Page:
In his mercy the Lord deals with Nebuchadnezzar in a direct and attention getting way. Here’s a man driven by arrogance and drunk with power. The Lord strips all that away from him and sends him out into the wilderness for seven years. That sounds like a long time, but its short compared to the 40 years it takes the Israelites to learn a similar lesson. We don’t know what’s happening inside of Nebuchadnezzar during those long years of insanity, but somehow God is dealing with him and the end result is filled with redemption. In fact, one of the strongest examples of this is the fact that Nebuchadnezzar is allowed to write his own testimony, found here. His words are filled with humble praise and thanksgiving to God. This is a case of strong discipline yielding desirable results. Nebuchadnezzar is made into a new man by the grace of God. Know what? That’s just the kind of stuff God does. The focus here shouldn’t be on seven years of mental illness. The central issue here is that God takes messed up lives and makes them new. The “grass diet” was just the method. The made-new life is the result. Nebuchadnezzar isn’t complaining about the diet, but he certainly thanks the Lord for what he did for him.
Take Away: The Lord takes messed up lives and makes them new.
Speaking God’s Word
Jeremiah 1: I’ve just put my words in your mouth.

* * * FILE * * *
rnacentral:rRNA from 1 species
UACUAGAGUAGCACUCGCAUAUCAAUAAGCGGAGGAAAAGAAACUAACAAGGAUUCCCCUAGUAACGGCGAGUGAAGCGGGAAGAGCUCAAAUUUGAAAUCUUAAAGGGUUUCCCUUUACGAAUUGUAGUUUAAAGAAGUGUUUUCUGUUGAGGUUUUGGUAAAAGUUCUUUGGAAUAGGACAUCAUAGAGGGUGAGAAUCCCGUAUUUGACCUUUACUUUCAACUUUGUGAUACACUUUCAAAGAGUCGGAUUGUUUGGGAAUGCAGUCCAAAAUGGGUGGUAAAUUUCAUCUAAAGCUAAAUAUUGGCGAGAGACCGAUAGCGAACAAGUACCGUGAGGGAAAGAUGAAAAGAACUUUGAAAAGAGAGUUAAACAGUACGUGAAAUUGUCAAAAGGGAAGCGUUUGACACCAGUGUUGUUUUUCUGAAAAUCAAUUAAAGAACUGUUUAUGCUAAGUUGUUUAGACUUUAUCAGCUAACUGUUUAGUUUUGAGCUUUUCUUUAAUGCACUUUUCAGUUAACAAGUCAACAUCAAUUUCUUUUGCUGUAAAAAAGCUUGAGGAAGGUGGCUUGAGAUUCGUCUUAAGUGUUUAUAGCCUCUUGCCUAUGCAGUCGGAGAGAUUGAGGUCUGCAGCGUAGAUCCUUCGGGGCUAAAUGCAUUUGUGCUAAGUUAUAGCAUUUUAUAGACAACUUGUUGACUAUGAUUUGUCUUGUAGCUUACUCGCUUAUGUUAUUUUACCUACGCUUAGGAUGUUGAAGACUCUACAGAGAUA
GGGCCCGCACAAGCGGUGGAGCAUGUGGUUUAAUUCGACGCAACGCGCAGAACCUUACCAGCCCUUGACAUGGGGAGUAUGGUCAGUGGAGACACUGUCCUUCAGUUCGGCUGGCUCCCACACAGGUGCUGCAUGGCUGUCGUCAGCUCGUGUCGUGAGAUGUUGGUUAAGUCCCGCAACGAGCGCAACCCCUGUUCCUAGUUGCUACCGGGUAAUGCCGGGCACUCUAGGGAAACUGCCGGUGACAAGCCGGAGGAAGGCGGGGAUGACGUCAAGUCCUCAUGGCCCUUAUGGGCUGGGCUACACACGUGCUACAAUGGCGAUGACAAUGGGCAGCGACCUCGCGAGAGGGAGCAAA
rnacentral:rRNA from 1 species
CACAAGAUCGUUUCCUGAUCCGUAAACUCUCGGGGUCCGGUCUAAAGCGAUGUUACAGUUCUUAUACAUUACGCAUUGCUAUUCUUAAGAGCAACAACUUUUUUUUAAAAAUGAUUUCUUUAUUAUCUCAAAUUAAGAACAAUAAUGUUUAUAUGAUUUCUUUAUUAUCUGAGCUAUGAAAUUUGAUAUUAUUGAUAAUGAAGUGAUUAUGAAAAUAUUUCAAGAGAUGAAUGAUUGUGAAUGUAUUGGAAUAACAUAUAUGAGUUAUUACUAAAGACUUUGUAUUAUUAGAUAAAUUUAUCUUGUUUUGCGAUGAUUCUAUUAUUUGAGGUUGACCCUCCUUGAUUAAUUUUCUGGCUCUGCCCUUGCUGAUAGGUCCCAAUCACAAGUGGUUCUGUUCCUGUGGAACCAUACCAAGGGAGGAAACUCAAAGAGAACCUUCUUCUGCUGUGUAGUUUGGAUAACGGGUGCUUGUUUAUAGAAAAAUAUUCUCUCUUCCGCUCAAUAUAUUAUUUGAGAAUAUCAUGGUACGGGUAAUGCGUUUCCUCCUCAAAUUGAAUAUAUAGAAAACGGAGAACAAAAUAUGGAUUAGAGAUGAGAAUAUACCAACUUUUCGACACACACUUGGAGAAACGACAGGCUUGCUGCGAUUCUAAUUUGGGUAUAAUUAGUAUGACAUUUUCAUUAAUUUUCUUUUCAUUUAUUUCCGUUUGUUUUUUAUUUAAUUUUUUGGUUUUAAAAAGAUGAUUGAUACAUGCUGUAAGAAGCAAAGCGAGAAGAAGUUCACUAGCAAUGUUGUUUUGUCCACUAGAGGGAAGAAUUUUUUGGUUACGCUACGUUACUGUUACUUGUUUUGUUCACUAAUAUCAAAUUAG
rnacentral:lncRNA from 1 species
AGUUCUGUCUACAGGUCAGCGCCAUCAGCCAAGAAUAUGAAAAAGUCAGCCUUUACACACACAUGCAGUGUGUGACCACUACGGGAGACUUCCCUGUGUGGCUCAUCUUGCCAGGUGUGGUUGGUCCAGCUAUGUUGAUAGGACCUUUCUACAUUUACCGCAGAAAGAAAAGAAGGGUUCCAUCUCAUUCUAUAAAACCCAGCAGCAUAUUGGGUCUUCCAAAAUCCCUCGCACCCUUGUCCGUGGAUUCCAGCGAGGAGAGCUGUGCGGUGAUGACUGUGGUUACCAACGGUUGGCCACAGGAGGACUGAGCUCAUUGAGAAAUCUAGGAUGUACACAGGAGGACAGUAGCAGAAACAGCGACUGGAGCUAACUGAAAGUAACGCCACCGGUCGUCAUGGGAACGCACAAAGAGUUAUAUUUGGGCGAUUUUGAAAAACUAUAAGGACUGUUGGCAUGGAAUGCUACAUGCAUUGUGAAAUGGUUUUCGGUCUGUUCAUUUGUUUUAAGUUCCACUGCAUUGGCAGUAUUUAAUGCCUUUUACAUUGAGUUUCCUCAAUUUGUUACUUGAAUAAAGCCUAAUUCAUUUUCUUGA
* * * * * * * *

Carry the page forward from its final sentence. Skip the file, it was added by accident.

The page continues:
Jeremiah isn’t being falsely humble when he hesitates to accept the role of prophet. Frankly, he doesn’t think he’s up to it. After all, what will he say? He feels inadequate for the task. The Lord understands. In fact, the Lord probably agrees that Jeremiah’s an unlikely prophet. However, the Lord isn’t necessarily looking for the most capable person anyway. For reasons known only to him, the Lord chose an unlikely person for a very important job. To encourage Jeremiah, the Lord puts words in his mouth, a demonstration of how it will work. Today, I very much identify with Jeremiah. As a young person I felt God’s call on my life. Growing up in a small, wonderfully supportive church I marched forward with the confidence of youth. It was during my first year in college that I realized I’m, at best, a very average person. One day, as I faced my inadequacies the Lord took mercy on me as he did for Jeremiah in this passage. As I read Matthew 10 these words became a personal promise to me: “Do not worry about what to say or how to say it. At that time you will be given what to say, for it will not be you speaking, but the Spirit of your Father speaking through you.” It seemed to me that the Lord said to me, “If I could give words to the disciples even when they were being abused, I can help you as a preacher to say things I want you to say.” That day was a “Jeremiah 1” day for me. It wasn’t that I now understood all there was to know, but I grasped this promise of God to me. If he called me to the ministry, he would help me do ministry. Almost 40 years later, I can report that the Lord has been faithful to keep that promise.